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Shungnak’s Spencer Woods places 4th overall at Olympic wrestling trials

  • Author: Beth Bragg
  • Updated: April 3
  • Published April 3

Shungnak wrestler Spencer Woods didn’t make the Olympic team at this weekend’s U.S. Olympic Team Trials in Texas, but he finished fourth overall and came close to clinching a spot on the national team.

Woods, 22, on Friday became the first Alaskan to wrestle in the Greco-Roman division at the U.S. Olympic Trials. He lost a close quarterfinal-round match in the 87-kilogram (192 pound) weight class and then roared back in Saturday’s wrestlebacks.

Woods scored an 8-5 decision in his first consolation-round match and won his consolation semifinal by forfeit. That put him in the third-place bout, where he scored an injury default victory three minutes into the match.

Woods then advanced to what’s called the “true-second” match, which pits the winner of the consolation round against the runner-up from Friday’s winner’s bracket competition. At stake was a spot on the U.S. national team, a coveted position that comes with financial support, increased competitive opportunities and health insurance.

He faced Patrick Martinez of the New York Athletic Club. Woods lost, 2-0.

He will land in a nice safety net. Woods recently finished basic training with the U.S. Army and is a member of its World Class Athlete Program, which provides him a solid avenue for training and competition.

Woods is still quite young for Greco-Roman wrestling — his first-round opponent on Friday was 36-year-old Jonathan Anderson, an Army major who’s also part of the World Class Athlete Program. Despite his youth, his aspirations are ambitious.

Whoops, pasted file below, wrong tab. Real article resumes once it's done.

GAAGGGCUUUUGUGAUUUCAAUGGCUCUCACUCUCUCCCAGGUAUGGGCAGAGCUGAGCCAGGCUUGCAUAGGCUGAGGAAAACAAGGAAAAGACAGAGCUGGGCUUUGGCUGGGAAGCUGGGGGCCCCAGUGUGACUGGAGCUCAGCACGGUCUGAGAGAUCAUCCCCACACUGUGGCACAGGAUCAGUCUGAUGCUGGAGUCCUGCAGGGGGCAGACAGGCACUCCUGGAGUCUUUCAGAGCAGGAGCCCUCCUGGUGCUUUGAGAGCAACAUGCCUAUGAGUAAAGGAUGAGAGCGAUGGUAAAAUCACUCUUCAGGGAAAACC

“I’m not embarrassed to say that I want to win an Olympic gold medal because, even if I’m the only person in the world who believes that, I have the confidence that it can happen if I believe in myself,” Woods said last month in an interview with fivepointmove.com.

“It may not be 2020 or 2024, but I am in this for the long run. (The World Class Athlete Program) definitely gives me that confidence that I’m in the right spot in the world to have all of these crazy endeavors — which to me, doesn’t seem crazy. It seems like in due time.”

A former Alaska state high school champion, Woods was seeded seventh among the eight men who competed at 87 kg for a chance to go to the championship finals. John Stefanowicz of the U.S. Marines prevailed to face Joe Rau, who received an automatic spot in the finals. Stefanowicz and Rau faced off Saturday night in a best-of-three series to decide which man will go to this summer’s Tokyo Olympics.

In his match against second-seeded Anderson, Woods forged a 4-0 lead but Anderson rallied late to take a 5-4 victory.

On Saturday, Woods beat sixth-seeded Terrence Zaleski 8-5 and then picked up a forfeit over top-seeded Alan Vera. His injury default victory came against fifth-seeded Barrett Stanghill. His shot at a spot on the national team was spoiled by the No. 3 seed, Martinez.

Woods finished fourth overall behind Rau, fourth-seeded Stefanowicz and Martinez. The top three all earned spots on the national team.

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